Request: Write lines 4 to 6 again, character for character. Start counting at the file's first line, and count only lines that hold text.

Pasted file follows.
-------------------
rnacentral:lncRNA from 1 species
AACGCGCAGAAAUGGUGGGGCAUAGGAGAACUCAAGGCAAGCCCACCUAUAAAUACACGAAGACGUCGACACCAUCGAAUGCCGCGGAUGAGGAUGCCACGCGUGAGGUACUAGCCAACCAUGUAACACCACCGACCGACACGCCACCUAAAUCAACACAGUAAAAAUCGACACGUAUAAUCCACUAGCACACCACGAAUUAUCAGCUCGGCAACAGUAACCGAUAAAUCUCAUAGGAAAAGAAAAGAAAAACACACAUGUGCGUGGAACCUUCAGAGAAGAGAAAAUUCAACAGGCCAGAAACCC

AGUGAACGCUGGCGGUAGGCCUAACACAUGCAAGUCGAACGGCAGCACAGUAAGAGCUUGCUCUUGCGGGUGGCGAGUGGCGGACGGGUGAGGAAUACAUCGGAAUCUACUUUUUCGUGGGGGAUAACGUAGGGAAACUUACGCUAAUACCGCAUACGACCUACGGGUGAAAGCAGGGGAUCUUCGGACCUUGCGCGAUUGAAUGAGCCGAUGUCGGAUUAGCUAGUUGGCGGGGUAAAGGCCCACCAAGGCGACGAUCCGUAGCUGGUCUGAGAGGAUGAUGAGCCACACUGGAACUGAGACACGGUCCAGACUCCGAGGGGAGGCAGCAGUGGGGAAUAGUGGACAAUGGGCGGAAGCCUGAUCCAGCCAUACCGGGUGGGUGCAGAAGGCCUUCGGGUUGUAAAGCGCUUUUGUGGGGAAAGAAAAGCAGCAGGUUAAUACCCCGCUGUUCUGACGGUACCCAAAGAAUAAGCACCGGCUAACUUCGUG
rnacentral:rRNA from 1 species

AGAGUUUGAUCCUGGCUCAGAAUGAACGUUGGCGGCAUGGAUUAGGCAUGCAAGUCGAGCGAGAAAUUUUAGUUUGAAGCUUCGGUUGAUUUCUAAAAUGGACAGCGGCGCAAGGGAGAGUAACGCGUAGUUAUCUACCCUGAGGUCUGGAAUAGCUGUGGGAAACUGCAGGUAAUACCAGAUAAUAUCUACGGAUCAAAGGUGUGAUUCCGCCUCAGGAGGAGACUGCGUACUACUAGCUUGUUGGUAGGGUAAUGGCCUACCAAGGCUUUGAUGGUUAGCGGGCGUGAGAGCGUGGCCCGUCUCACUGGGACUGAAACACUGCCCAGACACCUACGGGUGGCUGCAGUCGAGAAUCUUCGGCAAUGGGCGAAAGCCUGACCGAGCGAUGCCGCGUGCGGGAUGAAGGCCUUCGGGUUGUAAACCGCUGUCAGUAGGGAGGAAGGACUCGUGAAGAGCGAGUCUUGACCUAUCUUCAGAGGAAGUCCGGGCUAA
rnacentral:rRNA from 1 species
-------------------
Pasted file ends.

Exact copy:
rnacentral:rRNA from 1 species

AGAGUUUGAUCCUGGCUCAGAAUGAACGUUGGCGGCAUGGAUUAGGCAUGCAAGUCGAGCGAGAAAUUUUAGUUUGAAGCUUCGGUUGAUUUCUAAAAUGGACAGCGGCGCAAGGGAGAGUAACGCGUAGUUAUCUACCCUGAGGUCUGGAAUAGCUGUGGGAAACUGCAGGUAAUACCAGAUAAUAUCUACGGAUCAAAGGUGUGAUUCCGCCUCAGGAGGAGACUGCGUACUACUAGCUUGUUGGUAGGGUAAUGGCCUACCAAGGCUUUGAUGGUUAGCGGGCGUGAGAGCGUGGCCCGUCUCACUGGGACUGAAACACUGCCCAGACACCUACGGGUGGCUGCAGUCGAGAAUCUUCGGCAAUGGGCGAAAGCCUGACCGAGCGAUGCCGCGUGCGGGAUGAAGGCCUUCGGGUUGUAAACCGCUGUCAGUAGGGAGGAAGGACUCGUGAAGAGCGAGUCUUGACCUAUCUUCAGAGGAAGUCCGGGCUAA
rnacentral:rRNA from 1 species